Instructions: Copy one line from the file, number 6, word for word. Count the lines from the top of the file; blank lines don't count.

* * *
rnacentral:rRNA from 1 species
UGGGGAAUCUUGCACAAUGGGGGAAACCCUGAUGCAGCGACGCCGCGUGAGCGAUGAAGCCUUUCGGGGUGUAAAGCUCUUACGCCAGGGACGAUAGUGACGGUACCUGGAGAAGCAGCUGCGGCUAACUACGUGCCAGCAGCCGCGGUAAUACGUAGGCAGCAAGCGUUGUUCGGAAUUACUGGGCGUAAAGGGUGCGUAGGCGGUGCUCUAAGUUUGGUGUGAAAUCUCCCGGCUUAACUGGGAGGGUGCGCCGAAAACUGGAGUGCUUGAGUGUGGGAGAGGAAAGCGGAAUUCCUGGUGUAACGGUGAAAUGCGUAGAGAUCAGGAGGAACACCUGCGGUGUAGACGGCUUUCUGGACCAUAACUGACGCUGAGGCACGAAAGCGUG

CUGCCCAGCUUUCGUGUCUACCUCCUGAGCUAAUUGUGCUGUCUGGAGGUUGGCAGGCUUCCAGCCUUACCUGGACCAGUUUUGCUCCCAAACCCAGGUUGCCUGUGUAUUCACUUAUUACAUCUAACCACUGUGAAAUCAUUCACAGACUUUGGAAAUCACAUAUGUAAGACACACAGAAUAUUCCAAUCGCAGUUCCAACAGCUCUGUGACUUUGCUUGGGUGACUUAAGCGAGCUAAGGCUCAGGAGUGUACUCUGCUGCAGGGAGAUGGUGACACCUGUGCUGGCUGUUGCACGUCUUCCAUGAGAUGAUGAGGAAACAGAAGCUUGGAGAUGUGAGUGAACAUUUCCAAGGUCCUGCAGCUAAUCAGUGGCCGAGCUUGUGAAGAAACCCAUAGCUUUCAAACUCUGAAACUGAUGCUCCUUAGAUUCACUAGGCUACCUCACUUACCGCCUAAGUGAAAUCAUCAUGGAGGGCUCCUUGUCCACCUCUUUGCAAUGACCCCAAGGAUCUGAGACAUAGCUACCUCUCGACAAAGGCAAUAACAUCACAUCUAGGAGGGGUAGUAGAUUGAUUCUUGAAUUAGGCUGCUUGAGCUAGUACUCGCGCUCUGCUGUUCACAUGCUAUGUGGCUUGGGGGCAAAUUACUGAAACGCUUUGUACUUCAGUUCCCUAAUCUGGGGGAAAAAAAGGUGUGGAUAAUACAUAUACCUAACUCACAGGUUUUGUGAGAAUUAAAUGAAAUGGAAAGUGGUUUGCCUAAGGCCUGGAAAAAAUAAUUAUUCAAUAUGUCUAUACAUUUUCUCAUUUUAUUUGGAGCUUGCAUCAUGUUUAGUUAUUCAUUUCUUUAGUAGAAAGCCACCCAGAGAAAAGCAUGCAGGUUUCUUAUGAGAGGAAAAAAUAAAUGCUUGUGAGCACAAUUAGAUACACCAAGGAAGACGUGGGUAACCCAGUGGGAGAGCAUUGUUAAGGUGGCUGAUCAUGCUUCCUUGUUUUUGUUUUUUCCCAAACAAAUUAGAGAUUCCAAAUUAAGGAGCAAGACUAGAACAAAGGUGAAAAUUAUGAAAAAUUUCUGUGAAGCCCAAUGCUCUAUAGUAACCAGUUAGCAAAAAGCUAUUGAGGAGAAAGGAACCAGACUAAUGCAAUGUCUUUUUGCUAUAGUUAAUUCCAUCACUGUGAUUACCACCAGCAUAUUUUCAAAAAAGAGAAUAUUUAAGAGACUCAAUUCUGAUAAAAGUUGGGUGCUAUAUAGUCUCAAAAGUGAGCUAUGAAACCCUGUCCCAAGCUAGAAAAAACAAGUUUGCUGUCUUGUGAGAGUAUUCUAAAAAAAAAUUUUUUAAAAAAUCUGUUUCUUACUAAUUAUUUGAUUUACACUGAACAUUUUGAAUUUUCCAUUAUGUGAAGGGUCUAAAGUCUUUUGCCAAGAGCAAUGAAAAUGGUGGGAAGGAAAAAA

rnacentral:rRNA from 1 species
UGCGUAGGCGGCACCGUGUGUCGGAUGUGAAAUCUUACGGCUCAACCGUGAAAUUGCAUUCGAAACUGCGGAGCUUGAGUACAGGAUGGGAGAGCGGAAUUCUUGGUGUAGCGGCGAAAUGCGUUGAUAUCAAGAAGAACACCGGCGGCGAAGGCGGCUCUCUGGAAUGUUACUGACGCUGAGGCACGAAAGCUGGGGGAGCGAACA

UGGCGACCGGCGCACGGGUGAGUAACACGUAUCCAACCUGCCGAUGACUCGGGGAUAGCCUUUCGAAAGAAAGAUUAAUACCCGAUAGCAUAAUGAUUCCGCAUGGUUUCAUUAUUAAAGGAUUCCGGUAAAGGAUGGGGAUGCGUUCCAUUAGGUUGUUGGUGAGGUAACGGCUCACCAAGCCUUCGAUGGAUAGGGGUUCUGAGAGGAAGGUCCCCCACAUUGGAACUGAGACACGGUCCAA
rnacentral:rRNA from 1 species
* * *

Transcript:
UGGCGACCGGCGCACGGGUGAGUAACACGUAUCCAACCUGCCGAUGACUCGGGGAUAGCCUUUCGAAAGAAAGAUUAAUACCCGAUAGCAUAAUGAUUCCGCAUGGUUUCAUUAUUAAAGGAUUCCGGUAAAGGAUGGGGAUGCGUUCCAUUAGGUUGUUGGUGAGGUAACGGCUCACCAAGCCUUCGAUGGAUAGGGGUUCUGAGAGGAAGGUCCCCCACAUUGGAACUGAGACACGGUCCAA